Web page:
For the first time outside of Italy, an exclusive U.S. art exhibit of stolen Italian artifacts is set to open right here in Delaware.
"These pieces don't come from a private collection or museum collection," said exhibit organizer Emiliano Guerra. "All of the pieces that you see is stolen art. It's Italian stolen art."
The exhibit features 120 pieces of Etrusco-Greco-Roman statues, mosaics and ceramics. They were all stolen and later recovered from art traffickers around the world by the Guardia di Finanza.
The Guardia di Finanza, or Financial Guard, is a special unit of the Italian government. Members of the unit's Art Recovery Team are credited with retrieving almost a million stolen Italian antiquities in the last 100 years.
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The masterpieces will be showcased in Wilmington at the Grand Opera House and in Newark at the University of Delaware's Old College Gallery beginning in October.
"We had this wonderful room with almost 4,000 square feet of space that was available for this exhibit and could be converted into a temporary museum," said Mark Fields, incoming executive director for the Grand. "This beautiful façade of this historic and artistic building is also going to be a very strong connection to this exhibit. This building is a work of art and so we're glad to have the opportunity to house far more ancient, but lovely works of art here."
"It's a big deal, it's a very big deal," said Janis Tomlinson, director of university museums. "It is just a wonderful, wonderful opportunity for the state of Delaware."
The smaller exhibition at UD will complement the concurrent exhibition at the Grand.
"We have many students who are studying the classical world, and we have students in art history," Tomlinson said. "Rather than look at slides of objects, all the students will be able to see and work with these objects firsthand, which is just fantastic."
Story behind the art
In addition to the art, Guerra wants to shine a light on the often times dangerous work of the A.R.T.
Stories about how the 120 items on display were stolen and recovered will also be a big part of the show; some of the stories read like Hollywood action movie scripts.
For example, the Financial Guard recovered a highly-valuable Etruscan vase from a low-level tomb raider and later used it in a sting operation to nab a big-time art buyer. The buyer was part of a larger art crime network who was trying to get the piece out of Italy. Guns were drawn, but in the end, the A.R.T. came out on top. That vase, and its story, is among the masterpieces that will be on display next month.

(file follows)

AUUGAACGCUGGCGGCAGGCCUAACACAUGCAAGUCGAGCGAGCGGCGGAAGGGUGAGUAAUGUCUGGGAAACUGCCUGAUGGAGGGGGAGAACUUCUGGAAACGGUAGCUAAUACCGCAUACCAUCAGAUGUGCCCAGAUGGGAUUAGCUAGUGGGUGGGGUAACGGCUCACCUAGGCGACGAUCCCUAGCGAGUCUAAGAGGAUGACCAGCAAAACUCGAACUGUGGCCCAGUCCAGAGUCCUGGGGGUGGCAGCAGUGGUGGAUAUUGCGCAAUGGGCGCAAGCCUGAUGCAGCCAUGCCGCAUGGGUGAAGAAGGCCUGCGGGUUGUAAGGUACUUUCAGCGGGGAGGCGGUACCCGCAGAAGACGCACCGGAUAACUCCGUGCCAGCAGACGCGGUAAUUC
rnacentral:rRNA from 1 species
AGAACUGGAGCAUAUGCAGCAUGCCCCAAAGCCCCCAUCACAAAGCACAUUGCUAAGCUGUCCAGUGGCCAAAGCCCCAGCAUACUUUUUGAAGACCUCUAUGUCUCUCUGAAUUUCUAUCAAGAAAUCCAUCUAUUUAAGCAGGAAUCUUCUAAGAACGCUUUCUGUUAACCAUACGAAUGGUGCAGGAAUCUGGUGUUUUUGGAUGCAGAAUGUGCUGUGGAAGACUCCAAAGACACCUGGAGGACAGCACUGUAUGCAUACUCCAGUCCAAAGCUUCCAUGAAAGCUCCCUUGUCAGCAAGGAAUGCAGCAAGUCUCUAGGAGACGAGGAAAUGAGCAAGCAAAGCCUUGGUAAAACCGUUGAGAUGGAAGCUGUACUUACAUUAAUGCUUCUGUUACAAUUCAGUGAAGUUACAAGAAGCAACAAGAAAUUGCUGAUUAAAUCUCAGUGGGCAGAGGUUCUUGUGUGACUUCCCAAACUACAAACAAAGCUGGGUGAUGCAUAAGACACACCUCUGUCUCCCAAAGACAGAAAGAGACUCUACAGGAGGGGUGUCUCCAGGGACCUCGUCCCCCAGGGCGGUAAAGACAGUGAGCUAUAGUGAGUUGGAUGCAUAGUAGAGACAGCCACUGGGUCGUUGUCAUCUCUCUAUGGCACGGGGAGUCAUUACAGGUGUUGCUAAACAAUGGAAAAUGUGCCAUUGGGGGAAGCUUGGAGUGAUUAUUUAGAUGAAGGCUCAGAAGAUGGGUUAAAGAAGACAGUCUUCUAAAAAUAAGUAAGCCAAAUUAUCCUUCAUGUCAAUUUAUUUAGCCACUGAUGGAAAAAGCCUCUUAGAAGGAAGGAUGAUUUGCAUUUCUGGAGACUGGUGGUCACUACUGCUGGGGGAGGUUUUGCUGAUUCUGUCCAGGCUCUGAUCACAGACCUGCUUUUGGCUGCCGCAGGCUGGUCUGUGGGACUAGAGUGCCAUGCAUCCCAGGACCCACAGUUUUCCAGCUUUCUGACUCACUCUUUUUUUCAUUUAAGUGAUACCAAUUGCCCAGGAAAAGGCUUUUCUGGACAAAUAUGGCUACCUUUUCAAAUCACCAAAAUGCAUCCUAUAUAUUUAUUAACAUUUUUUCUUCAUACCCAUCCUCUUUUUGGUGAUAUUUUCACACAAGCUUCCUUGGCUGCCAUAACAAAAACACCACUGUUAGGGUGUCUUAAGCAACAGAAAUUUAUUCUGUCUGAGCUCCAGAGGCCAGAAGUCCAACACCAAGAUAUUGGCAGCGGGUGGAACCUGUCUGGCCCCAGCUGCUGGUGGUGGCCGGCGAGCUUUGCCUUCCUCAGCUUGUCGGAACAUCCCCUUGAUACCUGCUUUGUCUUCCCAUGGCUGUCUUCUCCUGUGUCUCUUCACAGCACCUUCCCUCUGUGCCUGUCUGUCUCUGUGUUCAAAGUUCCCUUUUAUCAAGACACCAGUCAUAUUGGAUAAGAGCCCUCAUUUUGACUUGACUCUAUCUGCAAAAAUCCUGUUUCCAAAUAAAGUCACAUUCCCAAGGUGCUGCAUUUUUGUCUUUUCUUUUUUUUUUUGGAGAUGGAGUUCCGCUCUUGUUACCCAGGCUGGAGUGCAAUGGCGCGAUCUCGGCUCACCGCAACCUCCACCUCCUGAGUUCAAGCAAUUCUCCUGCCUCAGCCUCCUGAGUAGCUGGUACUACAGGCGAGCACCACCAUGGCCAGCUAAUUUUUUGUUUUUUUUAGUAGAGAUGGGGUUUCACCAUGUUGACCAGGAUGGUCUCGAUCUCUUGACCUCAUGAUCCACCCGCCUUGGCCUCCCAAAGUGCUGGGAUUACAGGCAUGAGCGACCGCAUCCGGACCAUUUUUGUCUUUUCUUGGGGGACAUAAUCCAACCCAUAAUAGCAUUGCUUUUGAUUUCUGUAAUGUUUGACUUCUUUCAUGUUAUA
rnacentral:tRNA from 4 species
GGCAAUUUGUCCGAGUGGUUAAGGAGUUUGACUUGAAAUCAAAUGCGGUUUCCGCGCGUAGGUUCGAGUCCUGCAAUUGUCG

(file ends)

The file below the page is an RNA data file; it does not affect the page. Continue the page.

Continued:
Retired FBI agent Robert Wittman founded the FBI's own art crime team in 2005. Over the course of his 20-year career, Wittman was responsible for recovering about $300 million worth of stolen art and cultural property.
The New York Times bestselling author said he's tracked down everything from a Civil War battle flag to a $35 million Rembrandt stolen from a museum in Sweden.
"I worked in more than 20 countries, and I did a lot of traveling around the world usually in an undercover capacity to recover this artwork," said Wittman, whose job often pitted him against dangerous criminals. "These individuals were doing things like armed robbery, murder, drug dealing, car and boat theft, I mean they're in all kinds of crimes. It just so happened they did an art heist too," Wittman said.
Art crime represents a $6 billion business worldwide, according to the FBI and Interpol. Art crime encompasses not only stolen art, but also frauds, forgeries and fakes.
Exhibit organizer Emiliano Guerra has organized shows for the Financial Guard in Italy for the past 10 years. He said in his home country he avoids big cities like Florence, Rome and Venice.
"If you go to Rome, these kinds of pieces you can find inside some museum," Guerra said. "We want to bring the pieces to the people. We try to put [the show] in cities that don't have these kind of pieces so it's more attractive."
Guerra said Delaware's execution of the large Faberge show 14 years ago left an indelible impression on him. The flawless exhibition of the renowned jeweler's work coupled with enthusiasm from state leaders, Guerra said, made the decision to select Delaware for the show's U.S. debut easy.
Guerra then connected with the International Council of Delaware last year to expedite the process. The nonprofit organization is an advisory group based in Wilmington whose mission is to expand the state's global profile through international education, arts, culture and tourism. The ICD is sponsoring the Italian exhibit.
Treasures and Tales of Italy's Art Recovery Team opens Oct. 3. Tickets for the show at the Grand cost $15 and can be purchased online at ticketsatthegrand.org.
The website for the exhibit can be found at treasuresandtales.com.